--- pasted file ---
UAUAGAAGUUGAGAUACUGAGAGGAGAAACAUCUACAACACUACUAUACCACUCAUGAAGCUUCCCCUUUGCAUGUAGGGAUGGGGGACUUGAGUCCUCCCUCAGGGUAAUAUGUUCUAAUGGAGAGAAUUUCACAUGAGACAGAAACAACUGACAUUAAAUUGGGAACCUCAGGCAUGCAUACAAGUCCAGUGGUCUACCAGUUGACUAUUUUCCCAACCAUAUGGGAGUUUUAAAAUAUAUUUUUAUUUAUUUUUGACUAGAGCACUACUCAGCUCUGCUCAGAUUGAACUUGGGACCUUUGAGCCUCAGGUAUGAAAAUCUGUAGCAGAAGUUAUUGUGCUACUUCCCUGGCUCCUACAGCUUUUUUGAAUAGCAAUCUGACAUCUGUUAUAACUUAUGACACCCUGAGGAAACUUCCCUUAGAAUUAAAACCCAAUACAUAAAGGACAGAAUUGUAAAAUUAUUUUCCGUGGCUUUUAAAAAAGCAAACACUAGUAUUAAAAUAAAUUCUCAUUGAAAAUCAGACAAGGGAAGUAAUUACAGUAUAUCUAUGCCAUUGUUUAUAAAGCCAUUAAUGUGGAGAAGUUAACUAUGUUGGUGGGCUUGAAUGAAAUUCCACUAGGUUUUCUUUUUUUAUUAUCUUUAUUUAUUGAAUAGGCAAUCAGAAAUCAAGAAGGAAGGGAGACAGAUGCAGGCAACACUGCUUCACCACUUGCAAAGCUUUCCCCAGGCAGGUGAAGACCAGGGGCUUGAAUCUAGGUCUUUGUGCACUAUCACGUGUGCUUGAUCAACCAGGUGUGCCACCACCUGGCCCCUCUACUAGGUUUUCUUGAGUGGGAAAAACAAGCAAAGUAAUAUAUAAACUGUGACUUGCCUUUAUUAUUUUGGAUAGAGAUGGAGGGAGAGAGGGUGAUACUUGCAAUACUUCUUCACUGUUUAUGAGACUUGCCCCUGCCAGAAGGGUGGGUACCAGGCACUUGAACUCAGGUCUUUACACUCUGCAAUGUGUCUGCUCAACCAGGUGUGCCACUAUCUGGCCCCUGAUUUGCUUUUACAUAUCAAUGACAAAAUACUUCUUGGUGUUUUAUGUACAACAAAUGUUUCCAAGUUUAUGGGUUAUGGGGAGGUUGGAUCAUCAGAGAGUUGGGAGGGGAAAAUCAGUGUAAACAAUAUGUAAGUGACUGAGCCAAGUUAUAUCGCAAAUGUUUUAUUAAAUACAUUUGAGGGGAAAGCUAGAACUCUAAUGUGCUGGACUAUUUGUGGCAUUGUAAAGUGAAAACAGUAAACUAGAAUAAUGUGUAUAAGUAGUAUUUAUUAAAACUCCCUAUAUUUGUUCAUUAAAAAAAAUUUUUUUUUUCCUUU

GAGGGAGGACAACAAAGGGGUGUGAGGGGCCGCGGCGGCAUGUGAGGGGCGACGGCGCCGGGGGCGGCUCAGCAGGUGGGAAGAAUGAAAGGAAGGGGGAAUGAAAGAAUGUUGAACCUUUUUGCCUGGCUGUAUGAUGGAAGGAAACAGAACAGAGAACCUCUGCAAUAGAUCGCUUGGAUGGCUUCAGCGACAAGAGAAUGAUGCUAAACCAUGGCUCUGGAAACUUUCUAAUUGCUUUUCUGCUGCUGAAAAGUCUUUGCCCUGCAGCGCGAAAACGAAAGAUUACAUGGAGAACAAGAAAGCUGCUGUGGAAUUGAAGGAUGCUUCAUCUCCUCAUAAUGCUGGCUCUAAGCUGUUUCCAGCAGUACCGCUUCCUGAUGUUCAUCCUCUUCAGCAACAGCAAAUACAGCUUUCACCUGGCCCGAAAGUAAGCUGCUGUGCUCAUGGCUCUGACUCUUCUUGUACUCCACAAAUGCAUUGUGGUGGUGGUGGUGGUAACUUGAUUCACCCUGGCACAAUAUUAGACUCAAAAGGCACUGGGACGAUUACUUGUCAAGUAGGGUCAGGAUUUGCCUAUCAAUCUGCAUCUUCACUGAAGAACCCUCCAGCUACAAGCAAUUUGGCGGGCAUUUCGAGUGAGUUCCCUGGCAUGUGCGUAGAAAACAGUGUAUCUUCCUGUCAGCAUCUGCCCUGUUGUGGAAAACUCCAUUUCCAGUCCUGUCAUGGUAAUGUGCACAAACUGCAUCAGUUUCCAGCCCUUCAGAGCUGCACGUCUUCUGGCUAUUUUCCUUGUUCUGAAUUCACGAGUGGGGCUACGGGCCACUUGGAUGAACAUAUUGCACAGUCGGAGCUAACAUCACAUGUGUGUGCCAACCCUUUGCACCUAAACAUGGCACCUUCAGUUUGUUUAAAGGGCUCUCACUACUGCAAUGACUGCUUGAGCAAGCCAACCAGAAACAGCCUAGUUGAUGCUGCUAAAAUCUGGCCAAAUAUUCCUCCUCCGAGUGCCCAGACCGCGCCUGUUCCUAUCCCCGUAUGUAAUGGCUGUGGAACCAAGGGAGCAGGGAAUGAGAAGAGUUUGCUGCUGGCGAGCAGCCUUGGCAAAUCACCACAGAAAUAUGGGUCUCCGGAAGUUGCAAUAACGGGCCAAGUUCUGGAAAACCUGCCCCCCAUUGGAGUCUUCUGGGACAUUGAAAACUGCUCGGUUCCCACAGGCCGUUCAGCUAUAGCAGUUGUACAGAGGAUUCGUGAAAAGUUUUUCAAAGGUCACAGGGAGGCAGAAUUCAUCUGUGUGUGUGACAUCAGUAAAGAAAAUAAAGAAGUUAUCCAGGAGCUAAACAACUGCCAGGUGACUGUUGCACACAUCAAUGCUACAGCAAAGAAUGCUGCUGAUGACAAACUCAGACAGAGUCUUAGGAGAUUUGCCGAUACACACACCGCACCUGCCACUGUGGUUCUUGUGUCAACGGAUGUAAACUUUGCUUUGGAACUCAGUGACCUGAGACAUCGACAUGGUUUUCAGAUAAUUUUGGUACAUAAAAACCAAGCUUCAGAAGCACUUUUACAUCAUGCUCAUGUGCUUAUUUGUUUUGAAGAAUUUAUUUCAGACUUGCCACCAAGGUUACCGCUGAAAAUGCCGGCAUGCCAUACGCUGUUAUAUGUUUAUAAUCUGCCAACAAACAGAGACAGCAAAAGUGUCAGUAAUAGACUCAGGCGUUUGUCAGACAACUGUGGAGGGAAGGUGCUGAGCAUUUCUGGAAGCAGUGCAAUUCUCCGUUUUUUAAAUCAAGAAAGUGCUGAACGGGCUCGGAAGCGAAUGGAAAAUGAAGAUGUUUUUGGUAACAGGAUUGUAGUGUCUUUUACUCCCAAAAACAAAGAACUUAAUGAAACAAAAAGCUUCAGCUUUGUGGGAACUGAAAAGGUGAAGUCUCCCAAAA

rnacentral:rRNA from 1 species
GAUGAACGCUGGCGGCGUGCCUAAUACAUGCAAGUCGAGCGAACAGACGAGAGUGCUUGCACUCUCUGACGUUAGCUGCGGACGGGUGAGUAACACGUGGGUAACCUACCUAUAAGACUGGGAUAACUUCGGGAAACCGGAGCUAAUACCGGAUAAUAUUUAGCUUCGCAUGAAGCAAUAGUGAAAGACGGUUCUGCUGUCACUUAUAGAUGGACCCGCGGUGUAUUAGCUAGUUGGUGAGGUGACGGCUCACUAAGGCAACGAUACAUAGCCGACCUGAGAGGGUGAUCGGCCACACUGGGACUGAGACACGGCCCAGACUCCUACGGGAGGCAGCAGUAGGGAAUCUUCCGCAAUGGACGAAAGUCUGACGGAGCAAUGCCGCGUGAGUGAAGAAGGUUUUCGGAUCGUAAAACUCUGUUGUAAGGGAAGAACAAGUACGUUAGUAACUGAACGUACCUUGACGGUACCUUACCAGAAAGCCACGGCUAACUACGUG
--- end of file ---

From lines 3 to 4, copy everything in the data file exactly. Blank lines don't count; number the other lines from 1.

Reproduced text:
rnacentral:rRNA from 1 species
GAUGAACGCUGGCGGCGUGCCUAAUACAUGCAAGUCGAGCGAACAGACGAGAGUGCUUGCACUCUCUGACGUUAGCUGCGGACGGGUGAGUAACACGUGGGUAACCUACCUAUAAGACUGGGAUAACUUCGGGAAACCGGAGCUAAUACCGGAUAAUAUUUAGCUUCGCAUGAAGCAAUAGUGAAAGACGGUUCUGCUGUCACUUAUAGAUGGACCCGCGGUGUAUUAGCUAGUUGGUGAGGUGACGGCUCACUAAGGCAACGAUACAUAGCCGACCUGAGAGGGUGAUCGGCCACACUGGGACUGAGACACGGCCCAGACUCCUACGGGAGGCAGCAGUAGGGAAUCUUCCGCAAUGGACGAAAGUCUGACGGAGCAAUGCCGCGUGAGUGAAGAAGGUUUUCGGAUCGUAAAACUCUGUUGUAAGGGAAGAACAAGUACGUUAGUAACUGAACGUACCUUGACGGUACCUUACCAGAAAGCCACGGCUAACUACGUG